Treasury Department to call upon other agencies of the Treasury
Department for assistance in carrying out protective assignments.
On that date, the President of the United States was scheduled to
arrive in the evening at the O'Hare Inn, which was the O'Hare Inn
within 300 yards of plaintiff's residence. Mr. Torina therefore
called Cecil M. Wolfe, Acting Chief of the Enforcement Branch,
Alcohol and Tobacco Tax, Internal Revenue Service, Treasury
Department, Midwest Region, at Chicago, Illinois. Mr. Torina
asked Mr. Wolfe to supply the assistance of his investigators to
keep under surveillance the occupant or occupants of the
plaintiff's home, until the President departed.
4. After Mr. Wolfe received that request from Mr. Torina, he
instructed defendants, who were Special Investigators of the
Alcohol and Tobacco Unit in Chicago, and other investigators in
that Unit, to assist Mr. Torina in the protection of the
President and particularly to keep under surveillance the
occupant or occupants of the plaintiff's home at 3010 Orchard
Place in DesPlaines.
5. That same day, defendants identifying themselves and their
purpose to plaintiff, made repeated attempts to persuade Mr.
Scherer to separate himself from his weapons until the President
left. These efforts included offers to provide a room for
plaintiff at a nearby motel without cost to him, and, when that
was refused, the request that he willingly give up his weapons
until the President left. The latter request also being refused,
the defendants and other Government agents on the same assignment
attempted to keep plaintiff under constant direct surveillance,
accompanying him when he left and later returned to his home. At
no time did defendant prevent plaintiff from entering his home or
using his property freely. They did tell him they wanted to
follow him inside when he entered his home. However, when Mr.
Scherer finally went inside and locked himself in, neither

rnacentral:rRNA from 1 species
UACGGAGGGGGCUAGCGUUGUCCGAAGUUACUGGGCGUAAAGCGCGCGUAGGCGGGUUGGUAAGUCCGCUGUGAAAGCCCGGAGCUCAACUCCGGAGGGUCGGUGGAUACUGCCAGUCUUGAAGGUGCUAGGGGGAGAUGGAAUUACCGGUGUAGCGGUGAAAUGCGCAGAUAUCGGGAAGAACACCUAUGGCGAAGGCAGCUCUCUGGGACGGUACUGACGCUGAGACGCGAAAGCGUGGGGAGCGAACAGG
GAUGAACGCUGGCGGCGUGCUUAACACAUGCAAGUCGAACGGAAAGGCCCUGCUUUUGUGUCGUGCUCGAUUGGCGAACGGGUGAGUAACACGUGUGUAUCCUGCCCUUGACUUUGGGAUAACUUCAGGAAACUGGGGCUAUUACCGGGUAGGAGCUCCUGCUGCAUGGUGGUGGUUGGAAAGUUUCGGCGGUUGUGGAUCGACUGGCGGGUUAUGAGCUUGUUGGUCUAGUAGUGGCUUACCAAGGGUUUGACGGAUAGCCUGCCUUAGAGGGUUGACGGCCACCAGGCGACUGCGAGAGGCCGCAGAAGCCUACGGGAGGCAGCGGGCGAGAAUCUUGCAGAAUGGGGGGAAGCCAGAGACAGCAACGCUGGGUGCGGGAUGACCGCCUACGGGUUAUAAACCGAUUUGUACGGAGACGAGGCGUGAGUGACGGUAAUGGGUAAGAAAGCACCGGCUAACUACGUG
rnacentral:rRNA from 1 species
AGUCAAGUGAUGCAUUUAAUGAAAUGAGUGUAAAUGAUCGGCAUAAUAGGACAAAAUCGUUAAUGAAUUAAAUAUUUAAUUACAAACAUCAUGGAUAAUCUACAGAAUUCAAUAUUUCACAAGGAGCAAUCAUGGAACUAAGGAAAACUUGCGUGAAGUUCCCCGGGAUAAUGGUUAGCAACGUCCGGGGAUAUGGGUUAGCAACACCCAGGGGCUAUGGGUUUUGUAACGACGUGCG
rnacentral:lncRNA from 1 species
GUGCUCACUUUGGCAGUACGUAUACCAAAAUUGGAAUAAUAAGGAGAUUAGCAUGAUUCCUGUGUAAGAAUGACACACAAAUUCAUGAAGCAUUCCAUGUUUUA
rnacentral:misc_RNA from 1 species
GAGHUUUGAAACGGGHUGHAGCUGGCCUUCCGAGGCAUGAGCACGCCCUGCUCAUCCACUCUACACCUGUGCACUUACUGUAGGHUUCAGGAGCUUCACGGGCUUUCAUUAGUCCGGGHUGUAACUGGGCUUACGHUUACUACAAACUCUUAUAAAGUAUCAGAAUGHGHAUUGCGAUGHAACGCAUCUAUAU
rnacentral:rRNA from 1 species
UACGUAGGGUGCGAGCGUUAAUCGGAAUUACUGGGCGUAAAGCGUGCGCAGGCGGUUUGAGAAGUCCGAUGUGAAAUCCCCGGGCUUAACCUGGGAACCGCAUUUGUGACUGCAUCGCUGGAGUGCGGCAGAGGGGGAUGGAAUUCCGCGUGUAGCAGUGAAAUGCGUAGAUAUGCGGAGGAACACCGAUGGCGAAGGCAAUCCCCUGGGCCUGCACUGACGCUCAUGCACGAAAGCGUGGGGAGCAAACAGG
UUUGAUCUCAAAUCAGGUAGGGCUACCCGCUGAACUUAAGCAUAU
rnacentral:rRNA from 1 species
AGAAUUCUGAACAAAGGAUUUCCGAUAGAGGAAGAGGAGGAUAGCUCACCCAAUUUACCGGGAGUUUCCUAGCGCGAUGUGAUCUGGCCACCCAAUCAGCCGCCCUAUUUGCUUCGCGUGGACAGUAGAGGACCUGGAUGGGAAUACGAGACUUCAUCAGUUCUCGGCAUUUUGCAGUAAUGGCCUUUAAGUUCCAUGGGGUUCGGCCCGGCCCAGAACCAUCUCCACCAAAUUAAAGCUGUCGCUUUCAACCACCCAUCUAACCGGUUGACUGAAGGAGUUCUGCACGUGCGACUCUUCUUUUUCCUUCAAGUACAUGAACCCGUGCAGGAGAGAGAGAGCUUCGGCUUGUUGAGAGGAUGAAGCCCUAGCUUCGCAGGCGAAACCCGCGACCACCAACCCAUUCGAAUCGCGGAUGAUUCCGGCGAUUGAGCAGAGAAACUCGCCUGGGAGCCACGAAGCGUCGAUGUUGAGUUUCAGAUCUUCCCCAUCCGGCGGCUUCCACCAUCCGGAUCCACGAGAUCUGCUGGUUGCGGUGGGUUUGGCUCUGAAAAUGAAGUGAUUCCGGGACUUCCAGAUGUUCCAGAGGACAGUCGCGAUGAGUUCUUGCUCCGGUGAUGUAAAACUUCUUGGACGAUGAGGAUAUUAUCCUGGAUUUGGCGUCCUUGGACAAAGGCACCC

defendants nor any other Government agent attempted to enter.
Defendants thereafter maintained surveillance from the outside of
plaintiff's home until relieved by other agents.
6. Plaintiff was not at any time deprived of his liberty, or
the use of his home, or his privacy within his home, or any of
his many weapons or any ammunition or any other property. No
property whatsoever was taken even temporarily.
7. The defendants, and each of them, were under assignment to
protect the person of the President of the United States. At all
times complained of, they were acting within the scope of their
duties and within the outer perimeter of their line of duty.
Their acts with respect to plaintiff and plaintiff's home and all
acts committed by them were at all times reasonable, necessary,
and within the scope of their assignment to protect the President
of the United States.
Conclusions of Law.
1. This action was properly removed from the Circuit Court of
Cook County and this court has jurisdiction over the parties
hereto and subject matter hereof. Title 28, United States Code,
Sections 1442 and 1446.
2. Under Rule 56(e) of the Federal Rules of Civil Procedure,
Title 28, United States Code,
"* * * When a motion for summary judgment is made and
supported as provided in this rule, an adverse party
may not rest upon the mere allegations or denials of
his pleading, but his response, by affidavits or as
otherwise provided in this rule, must set forth
specific facts showing there is a genuine issue for
trial. If he does not so respond, summary judgment,
if appropriate, shall be entered against him."
No counter-affidavits were filed by plaintiff. The Answer of
defendants specifically denied all facts alleged in the complaint
concerning the events complained of except those facts stated in
the affidavits filed by them in support of their Motion for
Accordingly, the facts to be considered by the court are those